That said, it was still a great feeling to finally get to read Morrison's All-Star Superman. I've always believed the scale of Superman stories should be bigger than any comic book character's. Of course, the last several years' worth of Superman stories have been small-scale, almost claustrophobic ant farms of Oprah-fied navel-gazing....so Morrison flinging open the shutters to big ideas was a real Mormon Tabernacle Choir "Halleluja" moment. From Superman's rescue in the heart of the sun to the bioengineered "Photosynthetic Giants", a sense of epic adventure and sci-fi spectacle was undeniably back.

Though I'm typically not a fan of Frank Quitely's art, I thought he delivered pretty well. Yeah, the faces of his people still put me off, but I have to say his unique version of Clark Kent was inspired. After nearly twenty years of a cool, sophisticated Clark in the comics, it was fun to see a return to a much more humble and harried interpretation.

And...what's this? A Luthor who's a dangerous genius relying on his own wits and not a company of lackies? A Luthor who straight-up wants to kill Superman, and doesn't care who knows? Ahhh.....that's Lex Luthor, folks. Welcome back, Lex.

Were there examples of "Morrison Excess"? Oh, I suppose there were....here and there. But, on the whole, I found the debut issue of All-Star Superman a wonderful and welcome return to form for a character that had grown remote and unfamiliar to me over the past decade or so. I look forward to more wonder from a team that instinctually and entusiastically seems to "get it" when it comes to my favorite character.

 Grade: A




http://www.secret-id.us
Logged
Kuuga
Last Son of Krypton
*
Offline Offline

Posts: 336



« Reply #6 on: November 17, 2005, 08:03:29 PM »

Why the hell is it so hard for them to match up a good writer with a good artist? I mean what the heck are the editors doing all day besides throwing darts at their handy-dandy character deathlist?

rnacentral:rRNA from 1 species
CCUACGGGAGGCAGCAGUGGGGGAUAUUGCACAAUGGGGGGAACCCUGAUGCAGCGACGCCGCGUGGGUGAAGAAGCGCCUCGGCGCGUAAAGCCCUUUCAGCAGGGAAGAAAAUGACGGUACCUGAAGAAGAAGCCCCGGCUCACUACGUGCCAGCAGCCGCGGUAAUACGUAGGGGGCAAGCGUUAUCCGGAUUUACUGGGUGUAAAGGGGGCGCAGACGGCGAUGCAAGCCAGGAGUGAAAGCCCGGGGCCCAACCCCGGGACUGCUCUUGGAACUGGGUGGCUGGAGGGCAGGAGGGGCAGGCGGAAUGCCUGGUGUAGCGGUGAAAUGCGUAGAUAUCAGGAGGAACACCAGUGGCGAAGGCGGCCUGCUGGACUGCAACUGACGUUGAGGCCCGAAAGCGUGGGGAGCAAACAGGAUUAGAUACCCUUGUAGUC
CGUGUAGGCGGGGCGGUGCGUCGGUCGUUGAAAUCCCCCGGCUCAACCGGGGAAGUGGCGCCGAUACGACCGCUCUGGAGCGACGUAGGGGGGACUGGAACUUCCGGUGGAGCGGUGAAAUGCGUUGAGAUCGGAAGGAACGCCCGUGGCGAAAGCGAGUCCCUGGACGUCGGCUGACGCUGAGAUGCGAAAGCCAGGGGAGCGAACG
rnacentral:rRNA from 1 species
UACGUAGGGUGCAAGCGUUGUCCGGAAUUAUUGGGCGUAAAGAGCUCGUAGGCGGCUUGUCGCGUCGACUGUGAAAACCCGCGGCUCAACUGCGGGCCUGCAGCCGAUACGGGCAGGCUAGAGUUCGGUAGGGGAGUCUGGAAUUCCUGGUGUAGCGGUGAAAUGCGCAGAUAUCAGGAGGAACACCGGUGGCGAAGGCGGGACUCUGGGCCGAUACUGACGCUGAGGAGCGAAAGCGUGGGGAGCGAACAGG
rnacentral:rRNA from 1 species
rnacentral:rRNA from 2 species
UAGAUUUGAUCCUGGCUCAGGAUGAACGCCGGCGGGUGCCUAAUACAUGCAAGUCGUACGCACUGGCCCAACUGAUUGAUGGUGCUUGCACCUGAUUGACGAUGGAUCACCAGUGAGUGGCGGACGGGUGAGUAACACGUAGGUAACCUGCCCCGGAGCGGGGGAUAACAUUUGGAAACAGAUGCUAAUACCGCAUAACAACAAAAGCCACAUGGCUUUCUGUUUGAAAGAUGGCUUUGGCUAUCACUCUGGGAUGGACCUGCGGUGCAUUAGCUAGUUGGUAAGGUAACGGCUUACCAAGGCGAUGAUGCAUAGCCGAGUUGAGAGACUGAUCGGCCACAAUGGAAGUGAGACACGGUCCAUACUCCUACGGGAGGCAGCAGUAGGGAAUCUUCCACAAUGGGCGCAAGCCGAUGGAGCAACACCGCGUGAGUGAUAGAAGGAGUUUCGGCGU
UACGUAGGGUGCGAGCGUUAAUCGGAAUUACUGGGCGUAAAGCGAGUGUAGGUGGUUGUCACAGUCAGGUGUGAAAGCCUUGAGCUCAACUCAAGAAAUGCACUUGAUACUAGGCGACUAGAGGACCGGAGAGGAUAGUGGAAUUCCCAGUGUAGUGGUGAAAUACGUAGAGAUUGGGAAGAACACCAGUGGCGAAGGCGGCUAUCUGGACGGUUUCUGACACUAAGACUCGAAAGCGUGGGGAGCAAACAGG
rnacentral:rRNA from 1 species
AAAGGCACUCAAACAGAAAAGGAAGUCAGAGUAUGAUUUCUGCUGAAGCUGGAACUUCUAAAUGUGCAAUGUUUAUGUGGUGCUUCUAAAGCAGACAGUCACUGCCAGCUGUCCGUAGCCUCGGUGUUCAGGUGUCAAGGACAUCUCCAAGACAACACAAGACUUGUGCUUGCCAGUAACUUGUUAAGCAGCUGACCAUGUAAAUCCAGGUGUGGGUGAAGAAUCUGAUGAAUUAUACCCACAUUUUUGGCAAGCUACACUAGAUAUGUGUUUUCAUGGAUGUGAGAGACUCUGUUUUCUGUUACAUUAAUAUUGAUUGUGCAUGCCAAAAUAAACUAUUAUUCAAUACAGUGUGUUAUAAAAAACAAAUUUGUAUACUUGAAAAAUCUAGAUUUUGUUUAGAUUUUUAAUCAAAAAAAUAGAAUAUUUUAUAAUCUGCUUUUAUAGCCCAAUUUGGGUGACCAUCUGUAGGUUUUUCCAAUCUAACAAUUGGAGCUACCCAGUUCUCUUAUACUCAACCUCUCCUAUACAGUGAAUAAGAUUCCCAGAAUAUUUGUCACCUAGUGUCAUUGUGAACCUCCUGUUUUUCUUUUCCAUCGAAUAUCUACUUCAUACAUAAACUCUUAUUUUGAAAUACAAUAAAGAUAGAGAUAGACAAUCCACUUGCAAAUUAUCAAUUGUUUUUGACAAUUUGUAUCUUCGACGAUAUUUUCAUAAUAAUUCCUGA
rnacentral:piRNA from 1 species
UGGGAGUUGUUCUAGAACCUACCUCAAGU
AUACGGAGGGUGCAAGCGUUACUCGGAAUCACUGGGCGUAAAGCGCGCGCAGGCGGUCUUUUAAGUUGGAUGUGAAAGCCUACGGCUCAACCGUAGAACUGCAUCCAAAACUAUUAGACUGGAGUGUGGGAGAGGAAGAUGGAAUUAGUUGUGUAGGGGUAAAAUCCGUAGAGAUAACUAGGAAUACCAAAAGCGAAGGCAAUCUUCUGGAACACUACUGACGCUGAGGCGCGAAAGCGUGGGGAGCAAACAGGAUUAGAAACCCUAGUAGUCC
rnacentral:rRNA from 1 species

I know that both Yu and Quietly were hand picked by the writers themselves but those guys can't be the only aritsts out there those writers want to work with.
Logged

CHO-HENSHIN! KAMEN RAIDA, KUUGA!
TELLE
Supermanica Council
Council of Wisdom
*
Offline Offline

Posts: 1702



WWW
« Reply #7 on: November 17, 2005, 10:53:31 PM »

Quote from: "Kuuga"
Why the hell is it so hard for them to match up a good writer with a good artist?


Brother, that's the billion dollar question!
Logged

Everything you ever wanted to
know about the classic Superman:
Supermanica
The Encyclopedia of Supermanic Biography!
(temporarily offline)
Pages: [1] 2 3 4 5 6 7 8 9 10 11   Go Up
  Print  
 
Jump to:  

CURRENT FORUM

Archives: OLD FORUM  -  DCMB  -  KAL-L
Powered by MySQL Powered by PHP Powered by SMF 1.1.21 | SMF © 2015, Simple Machines

Valid XHTML 1.0! Valid CSS! Dilber MC Theme by HarzeM
Entrance ·  Origin ·  K-Metal ·  The Living Legend ·  About the Comics ·  Novels ·  Encyclopaedia ·  The Screen ·  Costumes ·  Read Comics Online ·  Trophy Room ·  Creators ·  ES!M ·  Fans ·  Multimedia ·  Community ·  Supply Depot ·  Gift Shop ·  Guest Book ·  Contact & Credits ·  Links ·  Coming Attractions ·  Free E-mail ·  Forum

Superman created by Jerry Siegel and Joe Shuster
The LIVING LEGENDS of SUPERMAN! Adventures of Superman Volume 1!
Return to SUPERMAN THROUGH THE AGES!
The Complete Supply Depot for all your Superman needs!